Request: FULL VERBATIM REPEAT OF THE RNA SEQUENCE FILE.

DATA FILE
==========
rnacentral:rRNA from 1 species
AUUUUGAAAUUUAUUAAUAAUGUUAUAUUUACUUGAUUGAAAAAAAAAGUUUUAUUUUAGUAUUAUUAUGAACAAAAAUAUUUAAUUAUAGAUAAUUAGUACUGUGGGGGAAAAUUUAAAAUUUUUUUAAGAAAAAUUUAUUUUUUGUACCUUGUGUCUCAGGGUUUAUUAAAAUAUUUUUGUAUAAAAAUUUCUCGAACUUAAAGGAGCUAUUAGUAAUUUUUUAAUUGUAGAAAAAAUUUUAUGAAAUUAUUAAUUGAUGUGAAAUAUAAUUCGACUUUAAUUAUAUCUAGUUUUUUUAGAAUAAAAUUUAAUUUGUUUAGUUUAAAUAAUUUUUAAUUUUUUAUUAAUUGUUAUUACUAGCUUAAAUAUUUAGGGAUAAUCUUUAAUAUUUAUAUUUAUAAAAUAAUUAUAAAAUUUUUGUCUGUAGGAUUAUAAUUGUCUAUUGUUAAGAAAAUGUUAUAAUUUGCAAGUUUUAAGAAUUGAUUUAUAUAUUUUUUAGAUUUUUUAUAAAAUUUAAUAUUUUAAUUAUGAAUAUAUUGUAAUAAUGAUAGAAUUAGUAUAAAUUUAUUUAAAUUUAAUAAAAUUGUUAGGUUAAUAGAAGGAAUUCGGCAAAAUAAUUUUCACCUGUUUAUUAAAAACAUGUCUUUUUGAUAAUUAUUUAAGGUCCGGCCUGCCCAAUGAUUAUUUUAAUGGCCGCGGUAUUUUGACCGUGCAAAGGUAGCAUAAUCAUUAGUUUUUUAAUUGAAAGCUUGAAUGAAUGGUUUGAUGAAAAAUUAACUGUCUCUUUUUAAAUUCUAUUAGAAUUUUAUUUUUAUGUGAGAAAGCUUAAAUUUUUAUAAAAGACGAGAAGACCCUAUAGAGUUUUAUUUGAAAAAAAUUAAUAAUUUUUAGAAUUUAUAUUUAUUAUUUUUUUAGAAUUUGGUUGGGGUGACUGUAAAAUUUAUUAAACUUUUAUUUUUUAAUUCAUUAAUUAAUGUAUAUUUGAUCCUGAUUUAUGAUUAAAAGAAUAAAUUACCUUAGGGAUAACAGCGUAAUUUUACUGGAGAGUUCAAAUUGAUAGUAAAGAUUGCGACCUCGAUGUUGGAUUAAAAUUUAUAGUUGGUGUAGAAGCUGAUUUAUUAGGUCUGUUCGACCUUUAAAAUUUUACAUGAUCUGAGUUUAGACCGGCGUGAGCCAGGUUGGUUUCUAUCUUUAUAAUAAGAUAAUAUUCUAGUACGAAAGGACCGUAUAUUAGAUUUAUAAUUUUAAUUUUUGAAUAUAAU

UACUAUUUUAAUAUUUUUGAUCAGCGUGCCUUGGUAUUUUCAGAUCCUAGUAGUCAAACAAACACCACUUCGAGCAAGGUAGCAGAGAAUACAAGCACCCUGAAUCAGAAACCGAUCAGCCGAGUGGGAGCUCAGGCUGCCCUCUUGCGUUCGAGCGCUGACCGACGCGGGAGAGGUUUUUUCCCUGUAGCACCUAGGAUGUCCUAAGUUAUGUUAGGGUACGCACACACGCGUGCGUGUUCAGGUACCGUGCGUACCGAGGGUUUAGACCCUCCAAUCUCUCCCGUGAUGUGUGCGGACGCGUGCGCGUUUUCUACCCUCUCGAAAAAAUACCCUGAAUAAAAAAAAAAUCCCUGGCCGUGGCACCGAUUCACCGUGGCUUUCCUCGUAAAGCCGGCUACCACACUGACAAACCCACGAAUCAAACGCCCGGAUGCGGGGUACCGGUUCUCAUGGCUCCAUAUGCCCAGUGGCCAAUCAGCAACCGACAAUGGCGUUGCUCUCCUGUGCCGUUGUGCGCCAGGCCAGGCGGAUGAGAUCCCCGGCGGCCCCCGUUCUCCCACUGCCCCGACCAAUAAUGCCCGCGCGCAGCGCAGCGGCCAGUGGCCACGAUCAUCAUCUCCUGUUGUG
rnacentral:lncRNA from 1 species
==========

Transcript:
rnacentral:rRNA from 1 species
AUUUUGAAAUUUAUUAAUAAUGUUAUAUUUACUUGAUUGAAAAAAAAAGUUUUAUUUUAGUAUUAUUAUGAACAAAAAUAUUUAAUUAUAGAUAAUUAGUACUGUGGGGGAAAAUUUAAAAUUUUUUUAAGAAAAAUUUAUUUUUUGUACCUUGUGUCUCAGGGUUUAUUAAAAUAUUUUUGUAUAAAAAUUUCUCGAACUUAAAGGAGCUAUUAGUAAUUUUUUAAUUGUAGAAAAAAUUUUAUGAAAUUAUUAAUUGAUGUGAAAUAUAAUUCGACUUUAAUUAUAUCUAGUUUUUUUAGAAUAAAAUUUAAUUUGUUUAGUUUAAAUAAUUUUUAAUUUUUUAUUAAUUGUUAUUACUAGCUUAAAUAUUUAGGGAUAAUCUUUAAUAUUUAUAUUUAUAAAAUAAUUAUAAAAUUUUUGUCUGUAGGAUUAUAAUUGUCUAUUGUUAAGAAAAUGUUAUAAUUUGCAAGUUUUAAGAAUUGAUUUAUAUAUUUUUUAGAUUUUUUAUAAAAUUUAAUAUUUUAAUUAUGAAUAUAUUGUAAUAAUGAUAGAAUUAGUAUAAAUUUAUUUAAAUUUAAUAAAAUUGUUAGGUUAAUAGAAGGAAUUCGGCAAAAUAAUUUUCACCUGUUUAUUAAAAACAUGUCUUUUUGAUAAUUAUUUAAGGUCCGGCCUGCCCAAUGAUUAUUUUAAUGGCCGCGGUAUUUUGACCGUGCAAAGGUAGCAUAAUCAUUAGUUUUUUAAUUGAAAGCUUGAAUGAAUGGUUUGAUGAAAAAUUAACUGUCUCUUUUUAAAUUCUAUUAGAAUUUUAUUUUUAUGUGAGAAAGCUUAAAUUUUUAUAAAAGACGAGAAGACCCUAUAGAGUUUUAUUUGAAAAAAAUUAAUAAUUUUUAGAAUUUAUAUUUAUUAUUUUUUUAGAAUUUGGUUGGGGUGACUGUAAAAUUUAUUAAACUUUUAUUUUUUAAUUCAUUAAUUAAUGUAUAUUUGAUCCUGAUUUAUGAUUAAAAGAAUAAAUUACCUUAGGGAUAACAGCGUAAUUUUACUGGAGAGUUCAAAUUGAUAGUAAAGAUUGCGACCUCGAUGUUGGAUUAAAAUUUAUAGUUGGUGUAGAAGCUGAUUUAUUAGGUCUGUUCGACCUUUAAAAUUUUACAUGAUCUGAGUUUAGACCGGCGUGAGCCAGGUUGGUUUCUAUCUUUAUAAUAAGAUAAUAUUCUAGUACGAAAGGACCGUAUAUUAGAUUUAUAAUUUUAAUUUUUGAAUAUAAU

UACUAUUUUAAUAUUUUUGAUCAGCGUGCCUUGGUAUUUUCAGAUCCUAGUAGUCAAACAAACACCACUUCGAGCAAGGUAGCAGAGAAUACAAGCACCCUGAAUCAGAAACCGAUCAGCCGAGUGGGAGCUCAGGCUGCCCUCUUGCGUUCGAGCGCUGACCGACGCGGGAGAGGUUUUUUCCCUGUAGCACCUAGGAUGUCCUAAGUUAUGUUAGGGUACGCACACACGCGUGCGUGUUCAGGUACCGUGCGUACCGAGGGUUUAGACCCUCCAAUCUCUCCCGUGAUGUGUGCGGACGCGUGCGCGUUUUCUACCCUCUCGAAAAAAUACCCUGAAUAAAAAAAAAAUCCCUGGCCGUGGCACCGAUUCACCGUGGCUUUCCUCGUAAAGCCGGCUACCACACUGACAAACCCACGAAUCAAACGCCCGGAUGCGGGGUACCGGUUCUCAUGGCUCCAUAUGCCCAGUGGCCAAUCAGCAACCGACAAUGGCGUUGCUCUCCUGUGCCGUUGUGCGCCAGGCCAGGCGGAUGAGAUCCCCGGCGGCCCCCGUUCUCCCACUGCCCCGACCAAUAAUGCCCGCGCGCAGCGCAGCGGCCAGUGGCCACGAUCAUCAUCUCCUGUUGUG
rnacentral:lncRNA from 1 species